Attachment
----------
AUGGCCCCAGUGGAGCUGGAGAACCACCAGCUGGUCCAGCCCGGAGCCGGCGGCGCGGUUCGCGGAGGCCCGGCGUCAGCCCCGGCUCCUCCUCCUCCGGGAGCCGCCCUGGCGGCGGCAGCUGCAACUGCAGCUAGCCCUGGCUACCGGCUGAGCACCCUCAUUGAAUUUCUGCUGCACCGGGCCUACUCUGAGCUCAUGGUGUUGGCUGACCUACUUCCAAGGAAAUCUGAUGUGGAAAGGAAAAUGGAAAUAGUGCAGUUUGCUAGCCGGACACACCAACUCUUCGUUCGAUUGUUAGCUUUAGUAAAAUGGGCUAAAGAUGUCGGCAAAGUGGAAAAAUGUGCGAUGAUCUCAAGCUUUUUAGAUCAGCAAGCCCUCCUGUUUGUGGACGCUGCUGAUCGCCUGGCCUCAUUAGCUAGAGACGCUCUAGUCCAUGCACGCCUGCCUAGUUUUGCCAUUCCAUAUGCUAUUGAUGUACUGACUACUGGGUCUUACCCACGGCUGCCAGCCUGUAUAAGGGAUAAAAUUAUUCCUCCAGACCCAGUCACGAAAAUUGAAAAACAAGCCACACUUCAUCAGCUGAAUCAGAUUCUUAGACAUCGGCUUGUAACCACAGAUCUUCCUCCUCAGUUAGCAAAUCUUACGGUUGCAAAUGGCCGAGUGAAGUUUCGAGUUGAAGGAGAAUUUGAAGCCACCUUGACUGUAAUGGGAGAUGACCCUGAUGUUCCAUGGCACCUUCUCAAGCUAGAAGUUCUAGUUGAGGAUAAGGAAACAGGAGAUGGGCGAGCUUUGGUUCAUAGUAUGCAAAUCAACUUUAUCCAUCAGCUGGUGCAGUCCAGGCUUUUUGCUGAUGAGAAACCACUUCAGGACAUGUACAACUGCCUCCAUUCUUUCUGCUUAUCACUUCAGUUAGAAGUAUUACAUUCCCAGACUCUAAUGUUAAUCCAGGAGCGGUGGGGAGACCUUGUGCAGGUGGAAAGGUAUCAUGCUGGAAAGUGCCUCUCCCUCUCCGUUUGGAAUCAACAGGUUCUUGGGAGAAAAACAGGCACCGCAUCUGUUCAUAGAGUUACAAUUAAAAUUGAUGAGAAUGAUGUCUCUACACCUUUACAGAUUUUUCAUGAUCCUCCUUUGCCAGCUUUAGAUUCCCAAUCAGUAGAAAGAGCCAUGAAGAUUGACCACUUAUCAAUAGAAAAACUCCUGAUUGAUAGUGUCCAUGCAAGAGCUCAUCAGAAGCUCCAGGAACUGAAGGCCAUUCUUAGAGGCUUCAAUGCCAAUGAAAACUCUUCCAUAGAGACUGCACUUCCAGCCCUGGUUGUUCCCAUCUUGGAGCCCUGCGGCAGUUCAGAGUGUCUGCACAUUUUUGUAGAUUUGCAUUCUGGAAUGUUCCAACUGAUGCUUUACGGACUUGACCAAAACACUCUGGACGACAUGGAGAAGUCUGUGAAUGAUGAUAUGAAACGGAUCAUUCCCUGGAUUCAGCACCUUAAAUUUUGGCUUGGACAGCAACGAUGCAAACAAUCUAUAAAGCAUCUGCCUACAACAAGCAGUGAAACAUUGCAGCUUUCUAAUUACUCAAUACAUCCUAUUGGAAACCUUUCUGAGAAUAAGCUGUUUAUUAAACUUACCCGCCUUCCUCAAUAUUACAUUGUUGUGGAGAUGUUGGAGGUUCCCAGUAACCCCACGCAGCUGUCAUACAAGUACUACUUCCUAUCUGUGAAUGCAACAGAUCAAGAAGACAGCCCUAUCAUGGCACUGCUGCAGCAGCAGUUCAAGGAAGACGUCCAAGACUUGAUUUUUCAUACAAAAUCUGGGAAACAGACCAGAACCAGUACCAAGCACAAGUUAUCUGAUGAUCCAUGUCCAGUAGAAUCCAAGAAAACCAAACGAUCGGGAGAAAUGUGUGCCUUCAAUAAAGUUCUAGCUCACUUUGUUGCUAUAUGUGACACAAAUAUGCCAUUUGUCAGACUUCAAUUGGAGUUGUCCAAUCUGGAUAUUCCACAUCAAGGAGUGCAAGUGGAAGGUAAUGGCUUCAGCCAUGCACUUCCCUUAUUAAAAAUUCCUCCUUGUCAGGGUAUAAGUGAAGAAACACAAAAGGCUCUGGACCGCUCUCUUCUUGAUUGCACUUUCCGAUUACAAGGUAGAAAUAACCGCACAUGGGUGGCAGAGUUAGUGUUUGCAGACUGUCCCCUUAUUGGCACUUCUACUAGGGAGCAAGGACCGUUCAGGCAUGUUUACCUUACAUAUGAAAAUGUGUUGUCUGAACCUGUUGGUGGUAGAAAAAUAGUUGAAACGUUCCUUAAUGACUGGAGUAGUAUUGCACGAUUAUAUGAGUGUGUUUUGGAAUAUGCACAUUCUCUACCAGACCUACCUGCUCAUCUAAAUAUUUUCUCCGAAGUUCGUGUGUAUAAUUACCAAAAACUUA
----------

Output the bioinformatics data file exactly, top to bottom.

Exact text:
AUGGCCCCAGUGGAGCUGGAGAACCACCAGCUGGUCCAGCCCGGAGCCGGCGGCGCGGUUCGCGGAGGCCCGGCGUCAGCCCCGGCUCCUCCUCCUCCGGGAGCCGCCCUGGCGGCGGCAGCUGCAACUGCAGCUAGCCCUGGCUACCGGCUGAGCACCCUCAUUGAAUUUCUGCUGCACCGGGCCUACUCUGAGCUCAUGGUGUUGGCUGACCUACUUCCAAGGAAAUCUGAUGUGGAAAGGAAAAUGGAAAUAGUGCAGUUUGCUAGCCGGACACACCAACUCUUCGUUCGAUUGUUAGCUUUAGUAAAAUGGGCUAAAGAUGUCGGCAAAGUGGAAAAAUGUGCGAUGAUCUCAAGCUUUUUAGAUCAGCAAGCCCUCCUGUUUGUGGACGCUGCUGAUCGCCUGGCCUCAUUAGCUAGAGACGCUCUAGUCCAUGCACGCCUGCCUAGUUUUGCCAUUCCAUAUGCUAUUGAUGUACUGACUACUGGGUCUUACCCACGGCUGCCAGCCUGUAUAAGGGAUAAAAUUAUUCCUCCAGACCCAGUCACGAAAAUUGAAAAACAAGCCACACUUCAUCAGCUGAAUCAGAUUCUUAGACAUCGGCUUGUAACCACAGAUCUUCCUCCUCAGUUAGCAAAUCUUACGGUUGCAAAUGGCCGAGUGAAGUUUCGAGUUGAAGGAGAAUUUGAAGCCACCUUGACUGUAAUGGGAGAUGACCCUGAUGUUCCAUGGCACCUUCUCAAGCUAGAAGUUCUAGUUGAGGAUAAGGAAACAGGAGAUGGGCGAGCUUUGGUUCAUAGUAUGCAAAUCAACUUUAUCCAUCAGCUGGUGCAGUCCAGGCUUUUUGCUGAUGAGAAACCACUUCAGGACAUGUACAACUGCCUCCAUUCUUUCUGCUUAUCACUUCAGUUAGAAGUAUUACAUUCCCAGACUCUAAUGUUAAUCCAGGAGCGGUGGGGAGACCUUGUGCAGGUGGAAAGGUAUCAUGCUGGAAAGUGCCUCUCCCUCUCCGUUUGGAAUCAACAGGUUCUUGGGAGAAAAACAGGCACCGCAUCUGUUCAUAGAGUUACAAUUAAAAUUGAUGAGAAUGAUGUCUCUACACCUUUACAGAUUUUUCAUGAUCCUCCUUUGCCAGCUUUAGAUUCCCAAUCAGUAGAAAGAGCCAUGAAGAUUGACCACUUAUCAAUAGAAAAACUCCUGAUUGAUAGUGUCCAUGCAAGAGCUCAUCAGAAGCUCCAGGAACUGAAGGCCAUUCUUAGAGGCUUCAAUGCCAAUGAAAACUCUUCCAUAGAGACUGCACUUCCAGCCCUGGUUGUUCCCAUCUUGGAGCCCUGCGGCAGUUCAGAGUGUCUGCACAUUUUUGUAGAUUUGCAUUCUGGAAUGUUCCAACUGAUGCUUUACGGACUUGACCAAAACACUCUGGACGACAUGGAGAAGUCUGUGAAUGAUGAUAUGAAACGGAUCAUUCCCUGGAUUCAGCACCUUAAAUUUUGGCUUGGACAGCAACGAUGCAAACAAUCUAUAAAGCAUCUGCCUACAACAAGCAGUGAAACAUUGCAGCUUUCUAAUUACUCAAUACAUCCUAUUGGAAACCUUUCUGAGAAUAAGCUGUUUAUUAAACUUACCCGCCUUCCUCAAUAUUACAUUGUUGUGGAGAUGUUGGAGGUUCCCAGUAACCCCACGCAGCUGUCAUACAAGUACUACUUCCUAUCUGUGAAUGCAACAGAUCAAGAAGACAGCCCUAUCAUGGCACUGCUGCAGCAGCAGUUCAAGGAAGACGUCCAAGACUUGAUUUUUCAUACAAAAUCUGGGAAACAGACCAGAACCAGUACCAAGCACAAGUUAUCUGAUGAUCCAUGUCCAGUAGAAUCCAAGAAAACCAAACGAUCGGGAGAAAUGUGUGCCUUCAAUAAAGUUCUAGCUCACUUUGUUGCUAUAUGUGACACAAAUAUGCCAUUUGUCAGACUUCAAUUGGAGUUGUCCAAUCUGGAUAUUCCACAUCAAGGAGUGCAAGUGGAAGGUAAUGGCUUCAGCCAUGCACUUCCCUUAUUAAAAAUUCCUCCUUGUCAGGGUAUAAGUGAAGAAACACAAAAGGCUCUGGACCGCUCUCUUCUUGAUUGCACUUUCCGAUUACAAGGUAGAAAUAACCGCACAUGGGUGGCAGAGUUAGUGUUUGCAGACUGUCCCCUUAUUGGCACUUCUACUAGGGAGCAAGGACCGUUCAGGCAUGUUUACCUUACAUAUGAAAAUGUGUUGUCUGAACCUGUUGGUGGUAGAAAAAUAGUUGAAACGUUCCUUAAUGACUGGAGUAGUAUUGCACGAUUAUAUGAGUGUGUUUUGGAAUAUGCACAUUCUCUACCAGACCUACCUGCUCAUCUAAAUAUUUUCUCCGAAGUUCGUGUGUAUAAUUACCAAAAACUUA